Paddy the Baddy and Meatball Molly light up London on thrilling UFC night | Donald McRae

The duo secured victories that delighted the crowd at the O2 Arena and promise bright things to come for British MMA … All photographs by Tom Jenkins.

“Are you not entertained?” Paddy “The Baddy” Pimblett shouted deep inside a roaring Saturday night scouse house party which dominated the UFC’s first promotion in Europe in three years. A few minutes earlier he had secured a victory, when forcing Rodrigo Vargas to submit, which fulfilled his prediction of a first-round stoppage. His great friend, and “big sister” from Liverpool, “Meatball” Molly McCann, had already produced an even more remarkable finish with a stunning third-round knockout which lit up the 02 Arena in London on a transformative night for the garrulous scouse duo and British MMA.

There were seven British winners on the night, including another impressive first-round stoppage for the heavyweight Tom Aspinall, and the UFC president, Dana White, described it afterwards as the most enjoyable promotion in the history of his organisation. White was so caught up in the fevered atmosphere that he made the unprecedented decision to award a $50,000 bonus to the winner of every one of the nine bouts which ended in a stoppage – rather than rewarding just one fighter on the night.

Paddy Pimblett dances to celebrate his first-round submission victory over Rodrigo Vargas
Paddy Pimblett dances to celebrate his first-round submission victory over Rodrigo Vargas Photograph: Tom Jenkins/The Guardian

There was no doubt, however, that this was the Paddy and Molly Show as the two highly distinctive fighters from Liverpool lived up to their pre-fight hype. In only his second UFC contest, Pimblett received an ecstatic reception as he strutted to the octagon. His floppy blond mop-top, goofy grin and pale lightweight frame, devoid of a single tattoo, means that Pimblett looks so unlike a traditional UFC fighter. Vargas, his imposing opponent from Mexico, glowered menacingly but the 27-year-old from a council estate in Huyton kept grinning.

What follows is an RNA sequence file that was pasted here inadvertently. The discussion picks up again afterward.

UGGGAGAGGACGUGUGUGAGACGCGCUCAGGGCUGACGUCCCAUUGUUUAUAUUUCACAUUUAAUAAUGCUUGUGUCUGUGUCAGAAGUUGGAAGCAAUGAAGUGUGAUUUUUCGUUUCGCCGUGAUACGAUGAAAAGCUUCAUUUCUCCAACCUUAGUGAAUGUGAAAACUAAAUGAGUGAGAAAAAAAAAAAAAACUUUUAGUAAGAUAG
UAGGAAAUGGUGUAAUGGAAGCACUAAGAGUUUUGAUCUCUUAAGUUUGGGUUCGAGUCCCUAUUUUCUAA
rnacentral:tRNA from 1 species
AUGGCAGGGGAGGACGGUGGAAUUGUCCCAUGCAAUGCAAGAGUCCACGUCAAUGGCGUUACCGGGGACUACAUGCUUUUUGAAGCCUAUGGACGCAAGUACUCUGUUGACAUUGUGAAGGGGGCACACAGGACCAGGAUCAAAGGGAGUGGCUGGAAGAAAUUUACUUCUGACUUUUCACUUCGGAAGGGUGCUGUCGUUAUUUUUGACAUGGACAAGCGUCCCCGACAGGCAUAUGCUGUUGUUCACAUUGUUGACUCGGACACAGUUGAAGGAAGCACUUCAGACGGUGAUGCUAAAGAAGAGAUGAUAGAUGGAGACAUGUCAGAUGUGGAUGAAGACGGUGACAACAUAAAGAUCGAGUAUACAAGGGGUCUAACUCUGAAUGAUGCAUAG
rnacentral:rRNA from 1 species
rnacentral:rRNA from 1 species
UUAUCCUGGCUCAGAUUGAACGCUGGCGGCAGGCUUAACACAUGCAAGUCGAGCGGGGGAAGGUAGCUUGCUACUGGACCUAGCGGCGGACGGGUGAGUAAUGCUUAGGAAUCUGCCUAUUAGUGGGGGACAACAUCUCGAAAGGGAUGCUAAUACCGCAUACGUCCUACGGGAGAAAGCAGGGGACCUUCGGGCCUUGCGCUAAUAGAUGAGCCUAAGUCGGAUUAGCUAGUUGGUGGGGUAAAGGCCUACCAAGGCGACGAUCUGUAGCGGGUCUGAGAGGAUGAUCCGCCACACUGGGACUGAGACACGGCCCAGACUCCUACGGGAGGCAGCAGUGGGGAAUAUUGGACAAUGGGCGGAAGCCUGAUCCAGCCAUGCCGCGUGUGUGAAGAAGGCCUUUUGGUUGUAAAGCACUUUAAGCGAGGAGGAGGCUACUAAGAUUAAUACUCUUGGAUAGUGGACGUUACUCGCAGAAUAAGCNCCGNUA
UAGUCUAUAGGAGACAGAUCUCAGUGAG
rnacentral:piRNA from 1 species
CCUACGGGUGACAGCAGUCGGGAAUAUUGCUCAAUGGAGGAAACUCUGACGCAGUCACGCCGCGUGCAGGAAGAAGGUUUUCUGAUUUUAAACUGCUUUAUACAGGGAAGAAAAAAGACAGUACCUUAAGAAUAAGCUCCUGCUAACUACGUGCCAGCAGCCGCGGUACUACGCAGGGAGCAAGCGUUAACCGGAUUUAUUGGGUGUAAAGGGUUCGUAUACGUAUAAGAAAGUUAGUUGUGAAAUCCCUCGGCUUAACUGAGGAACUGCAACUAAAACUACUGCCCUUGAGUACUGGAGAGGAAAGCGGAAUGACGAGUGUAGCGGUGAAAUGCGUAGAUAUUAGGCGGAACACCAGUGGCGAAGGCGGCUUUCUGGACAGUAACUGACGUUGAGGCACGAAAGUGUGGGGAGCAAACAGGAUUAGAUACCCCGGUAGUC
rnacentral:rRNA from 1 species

The switch in Pimblett’s cheerful mood came only a minute before the cage door shut when he was introduced. Rather than acknowledging the crowd Pimblett looked suddenly concentrated as he stared back at the Mexican who had promised to teach him a harsh lesson. Vargas started with intent and a hard right hand rocked Pimblett. After 18 seconds of the contest Vargas had taken Pimblett down and pinned him to the canvas as the Mexican drew on his upper-body strength and jiu-jitsu skills.

Pimblett’s explosive striking had sealed a first-round victory on his UFC debut in Las Vegas in September but, throughout his MMA career, his submission work on the ground has been exceptional. He had also spent weeks in training camp working on his grappling and had flown in a leading American wrestler, Chasen Blair, at his own expense to develop his skillset.

There was still a sense of jeopardy and a hush fell across the arena as a transfixed crowd waited to see if Pimblett could escape the tightening grip of Vargas. Slowly, inexorably, Pimblett began to wrest back control. There was a roar as Pimblett broke sufficiently free so that he could gain enough leverage to rise to his feet – and they continued grappling in upright positions.